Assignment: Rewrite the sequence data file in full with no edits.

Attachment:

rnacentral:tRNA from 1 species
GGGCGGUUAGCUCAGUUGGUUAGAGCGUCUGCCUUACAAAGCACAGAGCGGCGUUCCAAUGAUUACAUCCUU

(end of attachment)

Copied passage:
rnacentral:tRNA from 1 species
GGGCGGUUAGCUCAGUUGGUUAGAGCGUCUGCCUUACAAAGCACAGAGCGGCGUUCCAAUGAUUACAUCCUU